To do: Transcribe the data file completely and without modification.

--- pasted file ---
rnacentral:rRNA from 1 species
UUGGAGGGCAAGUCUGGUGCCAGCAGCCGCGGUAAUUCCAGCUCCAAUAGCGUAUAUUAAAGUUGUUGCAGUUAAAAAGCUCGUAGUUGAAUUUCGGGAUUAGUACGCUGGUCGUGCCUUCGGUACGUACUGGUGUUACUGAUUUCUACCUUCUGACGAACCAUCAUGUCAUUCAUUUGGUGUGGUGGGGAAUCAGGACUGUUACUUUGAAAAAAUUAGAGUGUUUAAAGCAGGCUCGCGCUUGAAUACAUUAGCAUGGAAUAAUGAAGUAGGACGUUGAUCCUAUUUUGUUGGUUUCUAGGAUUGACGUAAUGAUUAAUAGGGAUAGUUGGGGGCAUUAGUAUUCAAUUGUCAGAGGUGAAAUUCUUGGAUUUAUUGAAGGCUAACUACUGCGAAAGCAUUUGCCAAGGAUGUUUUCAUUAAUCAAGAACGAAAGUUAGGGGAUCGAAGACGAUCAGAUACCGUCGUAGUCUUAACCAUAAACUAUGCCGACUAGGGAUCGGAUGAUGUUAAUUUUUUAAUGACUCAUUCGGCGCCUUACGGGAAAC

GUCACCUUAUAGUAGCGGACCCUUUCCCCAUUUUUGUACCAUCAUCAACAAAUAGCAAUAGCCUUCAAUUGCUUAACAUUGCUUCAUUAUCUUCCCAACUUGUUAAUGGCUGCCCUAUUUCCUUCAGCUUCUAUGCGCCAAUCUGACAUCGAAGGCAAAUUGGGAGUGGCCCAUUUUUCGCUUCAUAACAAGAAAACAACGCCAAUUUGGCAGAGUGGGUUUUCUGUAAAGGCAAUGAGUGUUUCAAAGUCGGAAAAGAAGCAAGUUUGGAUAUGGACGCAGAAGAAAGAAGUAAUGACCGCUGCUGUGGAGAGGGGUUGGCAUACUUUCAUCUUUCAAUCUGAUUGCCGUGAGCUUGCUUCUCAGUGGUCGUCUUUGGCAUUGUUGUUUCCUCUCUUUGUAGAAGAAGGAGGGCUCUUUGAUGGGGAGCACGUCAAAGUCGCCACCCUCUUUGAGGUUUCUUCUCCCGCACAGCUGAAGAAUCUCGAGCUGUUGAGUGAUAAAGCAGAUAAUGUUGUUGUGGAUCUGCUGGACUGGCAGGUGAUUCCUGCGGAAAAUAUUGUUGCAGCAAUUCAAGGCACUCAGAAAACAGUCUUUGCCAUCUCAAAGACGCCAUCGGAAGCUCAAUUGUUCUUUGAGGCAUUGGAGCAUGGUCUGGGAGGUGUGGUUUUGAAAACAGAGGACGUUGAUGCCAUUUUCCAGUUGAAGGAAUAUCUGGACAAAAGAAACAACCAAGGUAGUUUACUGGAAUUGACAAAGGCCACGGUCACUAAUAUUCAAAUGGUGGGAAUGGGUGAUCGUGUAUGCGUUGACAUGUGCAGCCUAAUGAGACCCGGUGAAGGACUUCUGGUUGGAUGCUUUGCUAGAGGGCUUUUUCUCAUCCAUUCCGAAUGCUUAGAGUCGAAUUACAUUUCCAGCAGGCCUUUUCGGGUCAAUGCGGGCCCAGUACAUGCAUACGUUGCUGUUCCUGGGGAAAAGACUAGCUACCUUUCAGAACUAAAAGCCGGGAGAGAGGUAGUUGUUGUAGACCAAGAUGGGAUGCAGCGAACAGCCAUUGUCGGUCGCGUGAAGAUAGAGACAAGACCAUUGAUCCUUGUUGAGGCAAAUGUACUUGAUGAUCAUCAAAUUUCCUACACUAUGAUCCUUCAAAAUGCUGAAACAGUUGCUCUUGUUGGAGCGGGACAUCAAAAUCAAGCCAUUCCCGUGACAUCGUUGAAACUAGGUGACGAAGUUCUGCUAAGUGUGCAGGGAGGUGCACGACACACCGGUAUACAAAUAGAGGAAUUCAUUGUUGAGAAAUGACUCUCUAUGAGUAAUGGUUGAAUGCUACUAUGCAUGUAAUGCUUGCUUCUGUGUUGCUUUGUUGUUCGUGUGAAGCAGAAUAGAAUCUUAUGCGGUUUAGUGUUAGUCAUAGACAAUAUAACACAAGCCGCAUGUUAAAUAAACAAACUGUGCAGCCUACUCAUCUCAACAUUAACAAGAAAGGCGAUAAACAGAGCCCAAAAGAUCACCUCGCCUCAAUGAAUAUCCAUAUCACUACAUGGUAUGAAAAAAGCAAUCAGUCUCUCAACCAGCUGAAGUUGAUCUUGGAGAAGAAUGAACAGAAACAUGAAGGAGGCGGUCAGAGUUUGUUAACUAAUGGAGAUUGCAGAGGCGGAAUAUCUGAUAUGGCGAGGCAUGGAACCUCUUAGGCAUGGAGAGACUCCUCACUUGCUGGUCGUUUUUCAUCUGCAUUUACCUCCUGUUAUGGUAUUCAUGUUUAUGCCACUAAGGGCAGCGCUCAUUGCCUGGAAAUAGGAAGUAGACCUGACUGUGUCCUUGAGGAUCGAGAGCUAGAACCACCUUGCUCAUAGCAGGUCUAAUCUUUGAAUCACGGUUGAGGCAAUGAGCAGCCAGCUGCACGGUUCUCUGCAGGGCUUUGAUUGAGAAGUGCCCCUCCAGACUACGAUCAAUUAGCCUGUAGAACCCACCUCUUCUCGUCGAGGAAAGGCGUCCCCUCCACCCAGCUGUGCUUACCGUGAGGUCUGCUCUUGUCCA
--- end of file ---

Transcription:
rnacentral:rRNA from 1 species
UUGGAGGGCAAGUCUGGUGCCAGCAGCCGCGGUAAUUCCAGCUCCAAUAGCGUAUAUUAAAGUUGUUGCAGUUAAAAAGCUCGUAGUUGAAUUUCGGGAUUAGUACGCUGGUCGUGCCUUCGGUACGUACUGGUGUUACUGAUUUCUACCUUCUGACGAACCAUCAUGUCAUUCAUUUGGUGUGGUGGGGAAUCAGGACUGUUACUUUGAAAAAAUUAGAGUGUUUAAAGCAGGCUCGCGCUUGAAUACAUUAGCAUGGAAUAAUGAAGUAGGACGUUGAUCCUAUUUUGUUGGUUUCUAGGAUUGACGUAAUGAUUAAUAGGGAUAGUUGGGGGCAUUAGUAUUCAAUUGUCAGAGGUGAAAUUCUUGGAUUUAUUGAAGGCUAACUACUGCGAAAGCAUUUGCCAAGGAUGUUUUCAUUAAUCAAGAACGAAAGUUAGGGGAUCGAAGACGAUCAGAUACCGUCGUAGUCUUAACCAUAAACUAUGCCGACUAGGGAUCGGAUGAUGUUAAUUUUUUAAUGACUCAUUCGGCGCCUUACGGGAAAC

GUCACCUUAUAGUAGCGGACCCUUUCCCCAUUUUUGUACCAUCAUCAACAAAUAGCAAUAGCCUUCAAUUGCUUAACAUUGCUUCAUUAUCUUCCCAACUUGUUAAUGGCUGCCCUAUUUCCUUCAGCUUCUAUGCGCCAAUCUGACAUCGAAGGCAAAUUGGGAGUGGCCCAUUUUUCGCUUCAUAACAAGAAAACAACGCCAAUUUGGCAGAGUGGGUUUUCUGUAAAGGCAAUGAGUGUUUCAAAGUCGGAAAAGAAGCAAGUUUGGAUAUGGACGCAGAAGAAAGAAGUAAUGACCGCUGCUGUGGAGAGGGGUUGGCAUACUUUCAUCUUUCAAUCUGAUUGCCGUGAGCUUGCUUCUCAGUGGUCGUCUUUGGCAUUGUUGUUUCCUCUCUUUGUAGAAGAAGGAGGGCUCUUUGAUGGGGAGCACGUCAAAGUCGCCACCCUCUUUGAGGUUUCUUCUCCCGCACAGCUGAAGAAUCUCGAGCUGUUGAGUGAUAAAGCAGAUAAUGUUGUUGUGGAUCUGCUGGACUGGCAGGUGAUUCCUGCGGAAAAUAUUGUUGCAGCAAUUCAAGGCACUCAGAAAACAGUCUUUGCCAUCUCAAAGACGCCAUCGGAAGCUCAAUUGUUCUUUGAGGCAUUGGAGCAUGGUCUGGGAGGUGUGGUUUUGAAAACAGAGGACGUUGAUGCCAUUUUCCAGUUGAAGGAAUAUCUGGACAAAAGAAACAACCAAGGUAGUUUACUGGAAUUGACAAAGGCCACGGUCACUAAUAUUCAAAUGGUGGGAAUGGGUGAUCGUGUAUGCGUUGACAUGUGCAGCCUAAUGAGACCCGGUGAAGGACUUCUGGUUGGAUGCUUUGCUAGAGGGCUUUUUCUCAUCCAUUCCGAAUGCUUAGAGUCGAAUUACAUUUCCAGCAGGCCUUUUCGGGUCAAUGCGGGCCCAGUACAUGCAUACGUUGCUGUUCCUGGGGAAAAGACUAGCUACCUUUCAGAACUAAAAGCCGGGAGAGAGGUAGUUGUUGUAGACCAAGAUGGGAUGCAGCGAACAGCCAUUGUCGGUCGCGUGAAGAUAGAGACAAGACCAUUGAUCCUUGUUGAGGCAAAUGUACUUGAUGAUCAUCAAAUUUCCUACACUAUGAUCCUUCAAAAUGCUGAAACAGUUGCUCUUGUUGGAGCGGGACAUCAAAAUCAAGCCAUUCCCGUGACAUCGUUGAAACUAGGUGACGAAGUUCUGCUAAGUGUGCAGGGAGGUGCACGACACACCGGUAUACAAAUAGAGGAAUUCAUUGUUGAGAAAUGACUCUCUAUGAGUAAUGGUUGAAUGCUACUAUGCAUGUAAUGCUUGCUUCUGUGUUGCUUUGUUGUUCGUGUGAAGCAGAAUAGAAUCUUAUGCGGUUUAGUGUUAGUCAUAGACAAUAUAACACAAGCCGCAUGUUAAAUAAACAAACUGUGCAGCCUACUCAUCUCAACAUUAACAAGAAAGGCGAUAAACAGAGCCCAAAAGAUCACCUCGCCUCAAUGAAUAUCCAUAUCACUACAUGGUAUGAAAAAAGCAAUCAGUCUCUCAACCAGCUGAAGUUGAUCUUGGAGAAGAAUGAACAGAAACAUGAAGGAGGCGGUCAGAGUUUGUUAACUAAUGGAGAUUGCAGAGGCGGAAUAUCUGAUAUGGCGAGGCAUGGAACCUCUUAGGCAUGGAGAGACUCCUCACUUGCUGGUCGUUUUUCAUCUGCAUUUACCUCCUGUUAUGGUAUUCAUGUUUAUGCCACUAAGGGCAGCGCUCAUUGCCUGGAAAUAGGAAGUAGACCUGACUGUGUCCUUGAGGAUCGAGAGCUAGAACCACCUUGCUCAUAGCAGGUCUAAUCUUUGAAUCACGGUUGAGGCAAUGAGCAGCCAGCUGCACGGUUCUCUGCAGGGCUUUGAUUGAGAAGUGCCCCUCCAGACUACGAUCAAUUAGCCUGUAGAACCCACCUCUUCUCGUCGAGGAAAGGCGUCCCCUCCACCCAGCUGUGCUUACCGUGAGGUCUGCUCUUGUCCA